Field Theory by Hadyn Green


25 Things you need to be a man

I don't really think of myself as manly. I'm not sure if anyone else thinks of me as manly either. The facial hair helps a little, as does the deepish voice and bulging muscles. Ok, I was lying about the muscles.

But manliness, as it exists in our minds, can be seen as a character flaw (much like religion). Manly men are the reason Marc Ellis is still on TV, manly men are the reason we have Tui ads, manly men are the reason for annoying celebrity strippers.

So what could I expect from a list in Popular Mechanics called: The 25 Things Every Man Should Be Able To Do? Must be able to kill an animal without remorse and eat its heart? Must be able to name the entire 1985 All Black Squad including their home provinces? Must find racist jokes funny?

But after perusing the list I discovered that Popular Mechanics has a very interesting view of being a "man". In fact looking at the list (which I will show you soon) it would be quite easy for a woman to be a man (even easier than surgery).

"Man", as I read it in the list, is now a concept not a sex. Men were hunter/gatherer/semen-factories and then evolved into farmers/truck-owners and for some reason you needed a penis to be that (I blame religion again). The list though seems to define man (or manly) as protector/provider but removing any gender bias (like strength or speed or hair growth).

PopMech said they created the list because they felt that people couldn't fix things anymore. They saw a problem with our disposable society. We upgrade rather than fixing, we throw out rather than repair, we contract in rather than DIYing.

Sometimes this isn't our fault though. I recently had a new shower put in; the installer was explaining some part of what he was going to do when he paused: "Do you understand anything about this?"

"No", I replied honestly and somewhat apologetically. He must have caught my tone because he said, "That's not a problem, we've all got our specialist areas these days. I don't know much about computers" (I had told him that I was a blogger at some point).

With the idea that specialisation leads to eventual extinction then having a wide variety of skills can only be a good thing, right?

The PopMech list can be broken down into groups:

  • Patch a radiator hose
  • Back up a trailer
  • Use a torque wrench
  • Manoeuvre a car out of a skid
  • Get a car unstuck
  • Change oil and filter
  • Bleed brakes


  • Protect your computer
  • Retouch digital photos
  • Back up data
  • Hook up an HDTV
  • Extend your wireless network


  • Rescue a boater who has capsized
  • Build a campfire
  • Navigate with a map and compass
  • Sharpen a knife
  • Perform CPR
  • Fillet a fish
  • Clean a bolt-action rifle
  • Paddle a canoe
  • Fix a bike flat

House repairs

  • Fix a dead outlet
  • Frame a wall
  • Paint a room
  • Mix concrete

I should point out that I can already do lots of these, but some I haven't done in a long time (paddle a canoe).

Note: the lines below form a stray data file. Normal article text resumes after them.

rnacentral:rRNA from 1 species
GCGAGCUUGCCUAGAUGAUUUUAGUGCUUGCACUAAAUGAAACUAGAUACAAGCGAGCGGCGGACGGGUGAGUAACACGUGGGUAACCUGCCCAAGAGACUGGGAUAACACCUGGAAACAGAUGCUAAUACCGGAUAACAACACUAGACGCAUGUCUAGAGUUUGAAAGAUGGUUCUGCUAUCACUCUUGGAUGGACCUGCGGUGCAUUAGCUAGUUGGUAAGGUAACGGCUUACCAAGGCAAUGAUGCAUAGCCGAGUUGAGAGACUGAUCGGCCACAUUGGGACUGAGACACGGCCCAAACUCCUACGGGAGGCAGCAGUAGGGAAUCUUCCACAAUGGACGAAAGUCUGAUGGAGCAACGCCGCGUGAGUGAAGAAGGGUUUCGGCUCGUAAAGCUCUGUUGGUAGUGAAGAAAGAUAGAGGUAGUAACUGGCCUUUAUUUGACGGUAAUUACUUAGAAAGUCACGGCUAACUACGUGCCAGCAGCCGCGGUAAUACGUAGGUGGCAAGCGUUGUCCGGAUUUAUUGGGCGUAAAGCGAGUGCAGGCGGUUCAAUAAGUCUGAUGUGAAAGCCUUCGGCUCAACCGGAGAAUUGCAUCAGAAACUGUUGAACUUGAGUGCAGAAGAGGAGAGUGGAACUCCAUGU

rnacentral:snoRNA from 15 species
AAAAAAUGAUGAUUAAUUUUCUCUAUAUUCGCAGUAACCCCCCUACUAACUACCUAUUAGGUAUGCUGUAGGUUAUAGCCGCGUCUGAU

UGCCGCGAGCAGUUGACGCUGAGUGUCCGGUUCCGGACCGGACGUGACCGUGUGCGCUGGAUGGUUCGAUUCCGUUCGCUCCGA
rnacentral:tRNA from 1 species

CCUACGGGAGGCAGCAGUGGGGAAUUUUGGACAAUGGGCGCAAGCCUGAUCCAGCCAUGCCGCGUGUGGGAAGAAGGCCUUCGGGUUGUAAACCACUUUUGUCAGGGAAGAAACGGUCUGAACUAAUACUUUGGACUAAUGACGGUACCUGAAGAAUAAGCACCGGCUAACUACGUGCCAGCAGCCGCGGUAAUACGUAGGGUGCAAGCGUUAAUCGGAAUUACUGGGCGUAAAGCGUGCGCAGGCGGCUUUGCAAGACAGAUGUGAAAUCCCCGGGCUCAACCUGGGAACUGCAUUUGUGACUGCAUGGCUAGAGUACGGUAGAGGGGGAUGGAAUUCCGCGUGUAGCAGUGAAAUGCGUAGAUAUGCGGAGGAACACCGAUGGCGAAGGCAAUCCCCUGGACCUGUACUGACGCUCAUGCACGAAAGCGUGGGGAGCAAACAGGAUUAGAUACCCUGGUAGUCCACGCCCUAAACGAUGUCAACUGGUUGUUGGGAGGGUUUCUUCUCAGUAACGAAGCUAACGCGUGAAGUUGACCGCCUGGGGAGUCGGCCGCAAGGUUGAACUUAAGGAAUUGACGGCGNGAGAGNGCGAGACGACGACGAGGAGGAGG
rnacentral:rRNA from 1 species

As I said before, the authors of the list said that it was about self-reliance. But it's still confusing to me why an inner-city builder who can fix his own car and run his own website would be less manly because he can't clean a gun.

And can I customise the list? What if I take out "hook up an HDTV" and replace it with "can cook Huevos Rancheros"? Or replace "bleed brakes" with "make a good wine selection for a meal" or "able to tie a bowtie"? In fact, can the Popular Mechanics' version of a man (even the new provider/protector version) exist in urban settings where owning a car isn't an asset but knowing the best place for cheap Thai food is?

And so I propose an extra set of tasks that for want of a better phrase I will call: Urban Survival

This list was actually pretty hard to create. I polled Twitter on what they thought were essential urban survival skills and the Hive Mind came back resoundingly with: "need to know people". I'm not sure how that works as a skill but I tried to add it.

I also felt there needed to be a skill involving geo-spatial knowledge.
Here goes:

  • Make a good wine selection for a meal
  • Cook a meal
  • Be no more than two-degrees of separation from anyone at a gathering
  • Know the fastest distance between two points (in their home town)
  • Ability to locate a good café/restaurant/bar within walking distance of any location.

These extra points may seem over the top but I feel they fit within the idea of man as a leader, able to give directions and take charge if needed. This creates the idea of man as a cultural guide which I find interesting but I also think that it doesn't necessarily fit within the protector/provider role.

In fact the more I look at these last points the more I don't like them. For example cooking is a great skill to have but it seems too creative. I don't know, maybe I'm being too picky. If you can help by suggesting some refinements to these final skills I would be most appreciative.

In any case, starting today I am going to go through the list of 25 things set down in Popular Mechanics, and I am going to master all of them. And over the next few weeks I'm going to tell you about them and maybe along the way we can figure out what exactly a man is in the 21st Century.

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